The Whizzo Blog

Goodbye Drobo, Hello Synology!

I've used a first-generation Drobo FS NAS for about 2.5 years now for daily backups of my virtualized servers, Time Machine backups of my two Macs and media streaming to Apple TV devices. I avoided using it for much more than that because file transfers were pretty slow. I guess I accepted this because it was allowing me to use its BeyondRaid technology to create an array of disks of varying sizes. It was (and still is) a major selling point for Drobo.

But beyond the speed issue, there were other annoying quirks. For example, the Drobo would suddenly disappear from my Mac Finder's share list occasionally, forcing me to connect to it directly via AFP or SMB. It would inexplicably show up again a few minutes later. Then there was the desktop application that you had to run to make any changes (e.g. managing users, shares, etc.). Sometimes it would find the Drobo on the network, sometimes it wouldn't. My initial excitement with the Drobo had gradually turned into apathy. It served its purpose but not as well as I had initially hoped. I assumed it was just the way it had to be unless I wanted to upgrade to some super expensive enterprise-class NAS doing true RAID (and requiring me to use only same-sized drives).

Turns out I was wrong.

I had read more than a few people claiming how the Synology NAS devices were faster than Drobo FS. Some had even claimed 4-5x faster. While I assumed this was probably an inflated number, even a 2-3x speed increase would be helpful. Browsing the Synology website, there were a lot of appealing things about it over Drobo FS -- web-based administration, iSCSI support, hardware expandability, large collection of applications, etc. I mulled over it for a couple of weeks and finally decided to test the Synology 1512+ which seemed to be the closest thing to a Drobo FS. I would keep the Drobo running in case the Synology didn't prove any better so I could easily return it.

When the Synology box arrived, I eagerly unpacked it and began setting it up. Just like the Drobo FS, the Synology was extremely easy to configure. I was a little disappointed by the plastic sleds that the drives had to be screwed into before sliding it into the chassis. With Drobo FS, you could slide the drive directly into the chassis. Meh, minus 10 points for style.

Then it was time to get into the Synology's web-based DSM admin interface. The developer side of me was really impressed with how effectively the DSM interface mimics a desktop operating system. I'm sure it was no small feat to create. The interface is set up very intuitively and it took no time at all to configure a new volume, users and shares.

Similar to Drobo's BeyondRaid technology, Synology offers Synology Hybrid Raid (SHR) for creating an array of different sized drives. This is the option I chose although there were also options for standard RAID levels. After what seemed like an eternity of Synology creating the SHR volume across the 3 disks, the new NAS was ready to be put through its paces.

Since both NAS's were running and plugged into the same Gigabit switch as my desktop Mac, I decided to try copying a large file (6.92 GB) to both device's (one at a time). I ran my phone's stopwatch app while the transfer ran. Here is what I found:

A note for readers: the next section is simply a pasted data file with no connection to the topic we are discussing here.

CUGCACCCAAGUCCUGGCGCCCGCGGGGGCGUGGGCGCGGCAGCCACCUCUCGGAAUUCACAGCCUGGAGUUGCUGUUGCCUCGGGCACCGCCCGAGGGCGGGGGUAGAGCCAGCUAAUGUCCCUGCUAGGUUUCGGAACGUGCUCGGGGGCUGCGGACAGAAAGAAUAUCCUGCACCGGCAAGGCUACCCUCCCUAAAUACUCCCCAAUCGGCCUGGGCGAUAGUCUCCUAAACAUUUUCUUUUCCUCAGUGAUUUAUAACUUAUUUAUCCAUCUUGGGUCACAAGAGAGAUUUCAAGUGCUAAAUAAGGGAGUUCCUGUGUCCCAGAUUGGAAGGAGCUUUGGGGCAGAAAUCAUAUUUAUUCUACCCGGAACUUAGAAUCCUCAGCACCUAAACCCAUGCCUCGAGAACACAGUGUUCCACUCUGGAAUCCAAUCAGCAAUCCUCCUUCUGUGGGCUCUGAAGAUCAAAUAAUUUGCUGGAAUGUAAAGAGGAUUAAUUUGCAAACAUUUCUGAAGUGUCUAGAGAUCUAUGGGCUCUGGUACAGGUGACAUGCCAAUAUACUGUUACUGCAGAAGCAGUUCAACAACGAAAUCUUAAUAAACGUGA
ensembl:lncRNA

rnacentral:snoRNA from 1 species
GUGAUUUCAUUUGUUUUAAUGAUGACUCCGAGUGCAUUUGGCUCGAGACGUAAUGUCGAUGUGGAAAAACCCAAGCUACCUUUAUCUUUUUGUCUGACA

Drobo vs. Synology

I think the graph speaks for itself. Clearly, people weren't exaggerating about the Synology's speed over Drobo FS! Further file transfers confirmed that the Synology was clearly smoking the Drobo FS in the speed department. Even browsing the Synology shares in the Finder was blazingly fast. Gone were the days of: click Drobo FS share, wait, ignore spinning beacball, wait, see file list.

It was then time to start copying the data off of Drobo and onto the Synology. Fortunately, Synology has a capability to directly mount network shares on the NAS itself so copies are much faster than using a desktop PC as an intermediary. I spent the next day or so copying all of the Drobo shares to the equivalent Synology shares.

While those transfers were proceeding, I took a look at the applications that could be installed on the device. I've pretty much ignored Drobo FS's apps since most were not very useful to me and the list didn't seem to ever change. There have been the same dozen or so apps available since I bought the Drobo. And installing them was a hassle... download and copy an archive into a special Drobo share. Then reboot the Drobo to install... seriously?

The Synology offered a package manager much like a Linux distribution which made installing apps supremely easy and dynamic. They had 17 apps that the team Synology itself maintained. Add to that the 26 or so third-party apps and it was clear that Synology was taking the whole app thing a lot more seriously than Drobo was.

Finally it was time to install the only app I really was interested in — Cloud Station. The idea of a roll-your-own Dropbox solution was very appealing given my free Dropbox account was nearing its size limit. And Cloud Station didn't disappoint. So far, it's running smoothly and behaves exactly like I had hoped it would between my two Macs.

The Drobo FS is now looking downright antiquated. I'm going to keep it around a bit longer just to continue putting the Synology 1512+ through its paces. But I fully expect the Drobo will be up for sale within the next month or so.

Posted on Oct 23, 2012 by Dan.